Sunday, 31 March 2019

Parable of the Merciful father

The parable of the prodigal son, which we heard this morning for the Gospel reading, is actually wrongly titled.  It actually should be 'The parable of the Merciful father'.  Unfortunately most of us invariably focus our attention on the son who leaves the father's house and then regretfully returns.  That the son who stayed behind with the father all along, was no better than his younger brother is sometimes lost out on us. 

In all this 'blame-game' and feeling of resonance of our personal lives, we fail to focus on the father who is all merciful and loving.  Nothing, nothing at all, deters him from continuing to love his children.  The son who walks out on him is loved dearly.  So is the one who stays on!  Irrespective of their attitude or behaviour, the father continues to love them the same.  Most parents exhibit this loving mercy all along their parenting. I guess, it is something parents somehow acquire with children around. 

While those who walk away in rebellion and then realize their connectedness to their dear ones carry the guilt of being shameful, those who witness the mercy of the father, from close quarters, rather than rejoice, fail to accept the acceptance of the father.  Paul Tillich does have a point, when he speaks of faith involving 'the acceptance of the acceptance of God'.  We tend to focus solely on our own merit (or demerit) and leave no scope for ourselves.  And if someone is granted scope and space, we feel 'betrayed in spite of our loyalty'. Blessed is he who sees beyond oneself and savours the love of the Father.  

Spring forward, fall back

This morning we moved our clocks forward by an hour commencing the British summer time.  Was told that the best way to remember when the clocks go forward or backward is to remember the phrase, 'Spring forward, fall back!'  Quite amusing.

The idea of day-light saving was first adopted by Germany and then the UK followed suit.  The idea was to make most of the natural sunlight than use coal to light up the dark.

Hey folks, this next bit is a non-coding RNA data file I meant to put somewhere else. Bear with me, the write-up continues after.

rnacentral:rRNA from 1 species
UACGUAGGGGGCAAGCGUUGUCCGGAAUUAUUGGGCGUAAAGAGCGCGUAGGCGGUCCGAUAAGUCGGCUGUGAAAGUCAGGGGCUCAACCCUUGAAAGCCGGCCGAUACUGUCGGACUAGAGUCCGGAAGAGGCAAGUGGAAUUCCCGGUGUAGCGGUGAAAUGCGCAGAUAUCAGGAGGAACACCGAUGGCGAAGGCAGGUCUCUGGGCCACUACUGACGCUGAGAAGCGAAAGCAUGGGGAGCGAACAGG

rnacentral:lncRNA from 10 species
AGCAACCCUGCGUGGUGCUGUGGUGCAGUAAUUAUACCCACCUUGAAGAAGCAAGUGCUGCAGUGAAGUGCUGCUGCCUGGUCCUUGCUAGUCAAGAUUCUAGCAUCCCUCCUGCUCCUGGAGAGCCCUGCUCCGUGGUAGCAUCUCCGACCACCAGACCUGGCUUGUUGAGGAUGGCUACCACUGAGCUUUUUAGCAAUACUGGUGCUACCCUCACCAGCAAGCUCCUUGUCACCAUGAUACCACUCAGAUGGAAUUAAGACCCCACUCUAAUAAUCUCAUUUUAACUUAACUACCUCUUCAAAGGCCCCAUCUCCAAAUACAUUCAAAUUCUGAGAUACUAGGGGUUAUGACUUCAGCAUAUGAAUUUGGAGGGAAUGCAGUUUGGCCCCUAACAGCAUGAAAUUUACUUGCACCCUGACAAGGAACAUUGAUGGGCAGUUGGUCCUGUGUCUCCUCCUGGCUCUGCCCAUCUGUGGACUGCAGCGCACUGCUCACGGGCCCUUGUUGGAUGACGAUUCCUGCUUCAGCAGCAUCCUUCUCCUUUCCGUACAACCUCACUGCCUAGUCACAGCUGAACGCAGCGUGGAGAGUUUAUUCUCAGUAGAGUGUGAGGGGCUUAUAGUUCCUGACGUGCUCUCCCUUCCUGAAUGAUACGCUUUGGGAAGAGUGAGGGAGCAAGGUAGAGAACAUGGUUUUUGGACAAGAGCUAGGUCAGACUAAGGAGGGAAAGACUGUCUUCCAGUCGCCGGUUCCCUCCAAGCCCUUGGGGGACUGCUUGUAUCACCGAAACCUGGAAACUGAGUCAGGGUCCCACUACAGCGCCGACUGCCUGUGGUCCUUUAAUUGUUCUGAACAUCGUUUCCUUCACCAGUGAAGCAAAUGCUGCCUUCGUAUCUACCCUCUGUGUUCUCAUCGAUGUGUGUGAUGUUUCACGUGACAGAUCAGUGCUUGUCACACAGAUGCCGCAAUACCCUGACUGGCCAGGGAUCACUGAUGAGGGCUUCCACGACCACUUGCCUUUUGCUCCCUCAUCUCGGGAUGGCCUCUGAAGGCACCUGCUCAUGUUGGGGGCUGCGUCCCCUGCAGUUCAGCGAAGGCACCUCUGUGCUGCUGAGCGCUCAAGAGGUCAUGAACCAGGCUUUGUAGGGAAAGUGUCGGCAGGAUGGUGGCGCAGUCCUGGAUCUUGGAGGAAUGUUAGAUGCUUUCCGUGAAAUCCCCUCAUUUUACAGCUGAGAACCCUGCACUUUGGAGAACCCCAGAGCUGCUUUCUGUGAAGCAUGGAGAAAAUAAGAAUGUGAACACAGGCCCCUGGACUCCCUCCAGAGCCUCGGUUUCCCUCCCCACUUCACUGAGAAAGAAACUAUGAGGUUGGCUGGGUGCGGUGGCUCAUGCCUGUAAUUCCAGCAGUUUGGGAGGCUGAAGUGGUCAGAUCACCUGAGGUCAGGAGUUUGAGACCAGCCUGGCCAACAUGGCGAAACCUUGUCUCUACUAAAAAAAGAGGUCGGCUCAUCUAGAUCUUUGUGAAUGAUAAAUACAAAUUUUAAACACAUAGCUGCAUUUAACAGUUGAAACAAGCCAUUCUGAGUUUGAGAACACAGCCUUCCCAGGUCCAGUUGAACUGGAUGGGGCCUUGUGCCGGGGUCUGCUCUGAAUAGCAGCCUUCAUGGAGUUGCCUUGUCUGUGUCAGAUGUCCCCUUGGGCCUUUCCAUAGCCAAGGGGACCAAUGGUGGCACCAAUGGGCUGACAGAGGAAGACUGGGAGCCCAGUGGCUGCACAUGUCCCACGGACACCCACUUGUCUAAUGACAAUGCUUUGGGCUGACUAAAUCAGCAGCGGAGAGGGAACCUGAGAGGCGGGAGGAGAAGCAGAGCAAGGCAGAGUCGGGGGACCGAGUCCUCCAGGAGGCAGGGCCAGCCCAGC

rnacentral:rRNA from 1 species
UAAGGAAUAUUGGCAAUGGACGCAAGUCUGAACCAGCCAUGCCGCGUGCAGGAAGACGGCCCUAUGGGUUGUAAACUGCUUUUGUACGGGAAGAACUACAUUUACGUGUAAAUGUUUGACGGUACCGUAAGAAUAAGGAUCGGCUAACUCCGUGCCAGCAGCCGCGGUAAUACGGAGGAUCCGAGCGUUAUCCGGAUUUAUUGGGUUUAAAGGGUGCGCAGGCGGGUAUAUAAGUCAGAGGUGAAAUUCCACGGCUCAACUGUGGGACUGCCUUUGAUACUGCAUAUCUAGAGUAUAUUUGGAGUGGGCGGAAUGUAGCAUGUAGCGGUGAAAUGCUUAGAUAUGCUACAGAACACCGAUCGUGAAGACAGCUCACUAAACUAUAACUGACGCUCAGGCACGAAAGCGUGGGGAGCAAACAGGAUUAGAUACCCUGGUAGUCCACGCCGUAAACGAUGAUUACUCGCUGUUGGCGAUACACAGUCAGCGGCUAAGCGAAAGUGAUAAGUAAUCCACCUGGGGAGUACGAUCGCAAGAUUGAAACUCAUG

Changed my alarm clock last night itself before I hit bed!  Did not want to wake up at an odd hour and miss both the Masses in the parish!  

Tuesday, 26 March 2019

First day class

Some lessons (inspiration) for the first day of class...
Good first day class

  1. Build curiosity 
  2. Help build a community
  3. Learning: begin with what they already know; learn what helps them best as individuals; begin the content (without actually making them feel the burden)
  4. Clarify expectations (theirs and yours): assessments, policies, deadlines, materials... Give space for their aspirations, prejudices, fears and anxieties... ("What's the one thing that helps you learn better and that I can help with?"


Engaged teaching

A good resource about classroom engagement and learning, especially from a teacher's perspective...
How to make your teaching more engaging...

  • Use emotions 
  • Students learn better when the DO things.
  • Mix up activities and teaching styles
  • Engagement is different from entertainment
  • Plan chunks of the duration, rather than the whole lot
  • Make learning relevant to their daily lives
  • Your persona matters
  • Help students fall in love with the subject... you need to love it first of all! 
  • Take risk, freshen up your material
  • Know your students, help them build a rapport with one another
  • Tell your own stories, use humour...

Thursday, 14 March 2019

Return to Don Bosco

The work of the reformation is not to go back to where our predecessors were, but to persevere on to where they were going. 
We had a couple of General Chapters and other significant reflections around the slogan, 'Return to Don Bosco'. I don't claim to have read them all or understood all of the little that I read! However, I wonder if the above quote found in the introduction to the book of Paul Tillich, The Courage to be (p. xxviii-xxix) would mean something for us too. As Salesians we look up not just to Don Bosco, but to all those Salesians who have lived after him.  As citizens, we may recall to mind all our freedom fighters, leaders, early sages and wise men who made a dent in the passage of time. 

Our predecessors were not backward looking adventurers. They were looking to the future; daring to risk, relying on their present. They wanted to be where we are (hopefully, if we got them right!). If they were mere conformists or simple blokes trying to live the ordinary, we wouldn't be here, least of all have this discussion. They were guided more by faith, or intuition (in non-religious terms), than by pure reason or context. They felt the urge, the itch to do more than what was otherwise universally considered 'enough'. Their aim was to do, to be, better. Looking back to them we draw inspiration from them, seek their courage, place ourselves in their ready-to-journey boots; not merely do what they did, repeat their formulas, study them in isolation from their times, imitate them, …